And BAM. She put a pamphlet in my hand and is giving me the sales pitch and offers the formal invite to her church and finding God.
In. Office. Depot.
Later that afternoon at a birthday party, the host introduces me to one of his friends. The host and I were in a critique group together and is very proud and supportive of what I do. In fact, Pawn Takes Rook, my very first book is dedicated to him.
And then the friend goes….yup. You guessed it. That candied phrase.
Why does it have to matter? It’s a double standard. Why is it Mormons can come to my door (with a very clear no soliciting sign) and want to spread the word of their Savior, and I can’t go door to door and spread the word of the LGBT community?
Oh. Right. In the US there’s that pesky freedom of religion thing which basically any religious party uses as an exemption from everything.
Case in point. Absolutely unprompted, I can get the sermon in Panera Bread while eating lunch.
I can get approached in a bookstore.
Even while my car is stopped at the light.
All of them. All of them happened.
Is this really necessary? Really?
I’d like to think I’m a good person. I know right from wrong. I don’t kill babies. I dote on my cats and have my vet on speed dial every time one of them sneezes. My vet also thinks I’m a wee overprotective. I’m a very positive person. Does this make me any less “good?”
Is it a good person that comes up to you while you are trying to check out in an office supply store and tries to convince you to come to their church the next morning?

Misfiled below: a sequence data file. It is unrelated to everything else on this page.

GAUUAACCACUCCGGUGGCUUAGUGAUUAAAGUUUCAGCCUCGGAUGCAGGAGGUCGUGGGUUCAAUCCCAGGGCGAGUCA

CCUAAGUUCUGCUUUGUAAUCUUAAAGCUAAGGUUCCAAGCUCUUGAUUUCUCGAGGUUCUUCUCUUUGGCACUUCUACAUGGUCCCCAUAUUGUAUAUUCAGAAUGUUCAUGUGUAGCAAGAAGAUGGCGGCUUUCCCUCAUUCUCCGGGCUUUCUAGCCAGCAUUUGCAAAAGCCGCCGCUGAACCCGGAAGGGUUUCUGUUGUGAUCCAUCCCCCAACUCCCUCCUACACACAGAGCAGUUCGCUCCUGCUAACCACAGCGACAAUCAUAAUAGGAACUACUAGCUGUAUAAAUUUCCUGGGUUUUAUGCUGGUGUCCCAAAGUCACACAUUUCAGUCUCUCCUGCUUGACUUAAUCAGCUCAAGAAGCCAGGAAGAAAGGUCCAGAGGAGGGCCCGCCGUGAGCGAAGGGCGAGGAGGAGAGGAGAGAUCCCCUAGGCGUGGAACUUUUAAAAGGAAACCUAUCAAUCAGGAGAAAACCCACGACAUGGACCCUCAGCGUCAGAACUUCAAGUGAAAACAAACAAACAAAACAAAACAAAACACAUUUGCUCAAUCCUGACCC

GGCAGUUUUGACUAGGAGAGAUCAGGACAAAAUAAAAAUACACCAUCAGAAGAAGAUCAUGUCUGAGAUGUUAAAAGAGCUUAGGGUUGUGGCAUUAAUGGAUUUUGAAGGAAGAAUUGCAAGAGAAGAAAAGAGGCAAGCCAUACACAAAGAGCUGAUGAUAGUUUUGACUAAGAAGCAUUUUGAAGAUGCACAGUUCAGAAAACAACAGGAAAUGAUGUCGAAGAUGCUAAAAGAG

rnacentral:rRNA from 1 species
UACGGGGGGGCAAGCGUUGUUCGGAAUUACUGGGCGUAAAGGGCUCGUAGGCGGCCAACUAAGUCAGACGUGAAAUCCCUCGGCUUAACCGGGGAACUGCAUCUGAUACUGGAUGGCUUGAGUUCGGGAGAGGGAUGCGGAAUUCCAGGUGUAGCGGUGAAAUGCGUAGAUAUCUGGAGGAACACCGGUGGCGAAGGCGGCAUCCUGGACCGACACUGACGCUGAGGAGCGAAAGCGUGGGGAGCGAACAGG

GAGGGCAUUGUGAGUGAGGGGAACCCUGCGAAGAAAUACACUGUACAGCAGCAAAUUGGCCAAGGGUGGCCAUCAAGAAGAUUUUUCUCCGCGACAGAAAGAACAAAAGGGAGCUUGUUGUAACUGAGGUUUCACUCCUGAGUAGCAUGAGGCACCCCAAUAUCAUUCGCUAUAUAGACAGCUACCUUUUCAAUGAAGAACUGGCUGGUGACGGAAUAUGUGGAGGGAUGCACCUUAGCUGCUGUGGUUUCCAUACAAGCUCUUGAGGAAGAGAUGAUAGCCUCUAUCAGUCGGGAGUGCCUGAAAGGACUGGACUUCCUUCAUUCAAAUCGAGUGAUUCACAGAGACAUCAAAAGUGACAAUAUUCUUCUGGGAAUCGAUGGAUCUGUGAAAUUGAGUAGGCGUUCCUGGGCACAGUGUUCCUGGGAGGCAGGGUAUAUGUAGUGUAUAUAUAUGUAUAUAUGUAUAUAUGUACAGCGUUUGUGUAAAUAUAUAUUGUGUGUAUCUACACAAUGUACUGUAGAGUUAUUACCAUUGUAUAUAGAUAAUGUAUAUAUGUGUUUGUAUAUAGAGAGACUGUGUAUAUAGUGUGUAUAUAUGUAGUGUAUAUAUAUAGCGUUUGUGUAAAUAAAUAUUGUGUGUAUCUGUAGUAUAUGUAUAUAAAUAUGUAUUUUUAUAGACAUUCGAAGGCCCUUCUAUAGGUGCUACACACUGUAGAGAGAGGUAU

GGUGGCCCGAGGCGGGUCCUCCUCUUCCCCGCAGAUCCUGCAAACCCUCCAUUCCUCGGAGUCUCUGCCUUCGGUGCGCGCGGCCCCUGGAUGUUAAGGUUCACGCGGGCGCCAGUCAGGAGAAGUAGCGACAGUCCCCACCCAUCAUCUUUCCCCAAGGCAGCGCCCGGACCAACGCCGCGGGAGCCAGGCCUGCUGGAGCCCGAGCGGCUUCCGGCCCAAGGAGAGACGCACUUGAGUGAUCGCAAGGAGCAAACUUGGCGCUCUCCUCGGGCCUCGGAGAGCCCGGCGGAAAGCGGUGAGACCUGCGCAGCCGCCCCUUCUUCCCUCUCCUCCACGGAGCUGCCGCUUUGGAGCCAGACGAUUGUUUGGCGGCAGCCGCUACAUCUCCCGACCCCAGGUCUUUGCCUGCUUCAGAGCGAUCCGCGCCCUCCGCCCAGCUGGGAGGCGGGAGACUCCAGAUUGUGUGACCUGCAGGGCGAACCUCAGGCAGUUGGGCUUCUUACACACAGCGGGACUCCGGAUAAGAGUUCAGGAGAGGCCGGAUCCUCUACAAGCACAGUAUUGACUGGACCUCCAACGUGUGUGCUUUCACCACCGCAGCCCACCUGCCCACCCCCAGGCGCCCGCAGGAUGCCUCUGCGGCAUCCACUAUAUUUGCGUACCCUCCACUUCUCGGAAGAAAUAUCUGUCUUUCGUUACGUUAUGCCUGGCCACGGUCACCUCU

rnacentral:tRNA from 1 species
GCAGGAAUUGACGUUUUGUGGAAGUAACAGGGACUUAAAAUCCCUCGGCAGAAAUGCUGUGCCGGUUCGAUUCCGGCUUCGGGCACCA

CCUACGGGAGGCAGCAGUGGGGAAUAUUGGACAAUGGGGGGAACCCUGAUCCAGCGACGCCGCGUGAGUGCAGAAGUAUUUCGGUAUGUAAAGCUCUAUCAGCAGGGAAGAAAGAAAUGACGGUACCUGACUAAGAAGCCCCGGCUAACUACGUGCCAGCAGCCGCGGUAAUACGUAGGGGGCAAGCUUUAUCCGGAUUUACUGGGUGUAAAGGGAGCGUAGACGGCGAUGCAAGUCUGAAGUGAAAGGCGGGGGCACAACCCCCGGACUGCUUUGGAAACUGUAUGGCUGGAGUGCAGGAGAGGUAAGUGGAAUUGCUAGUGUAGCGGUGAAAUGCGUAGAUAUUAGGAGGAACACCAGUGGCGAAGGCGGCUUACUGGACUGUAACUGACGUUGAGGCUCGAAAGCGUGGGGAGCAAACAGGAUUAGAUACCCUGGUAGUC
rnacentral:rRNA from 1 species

Is it a good person that approaches you at a restaurant while you have food in your face and tell you how the Lord saved them from drinking and drugs?
If anything, my first thought is I don’t even know their names, and they could likely be ax murders. I just want to be able to buy my pens and my lunch without being harassed because I…somehow look like someone that looks like they need saving. It’s my hair probably. It’s three colors. It’s always my hair. I can tell you stories about airport security.
Like I can’t randomly walk up to J. Random stranger and tell them how awesome dudes being in love is and push my books into their hands. Or give them the whole sales pitch. That’s plain rude.
It is rude. Didn’t anyone teach them Do Onto Others As They Would Do To You?
Oh. Wait. They do. Only they Do Onto Others fully expecting the reciprocation part.
So when someone gets all excited to ooooh aaah know an author and they’re three seconds away from buying my books on their phones, they ask what do I write.
“Well, I was raised a—”
“And? My parents tell me the Mothership left me behind.”
“And so are my books. I’m sure you’ll like them.”
“You’re pretty cool.”
“Thanks. I think you’re pretty cool too.”
And now, I leave you with some Old-Time Religion. Grab your hymnals and sing along. Yes, sir.
One lucky winner will walk away with a loverly $10.00 USD DSP Gift Certificate!
And you say, how do I enter to win such a remarkable prize?
And I say unto thee, since I’m sharing a song, share with me a song that you particularly like and why. If you can find it on YouTube, drop in the link in the comments.
Also please, please leave me your email address! I want to be able to find you!
The winner will be chosen on May 24th!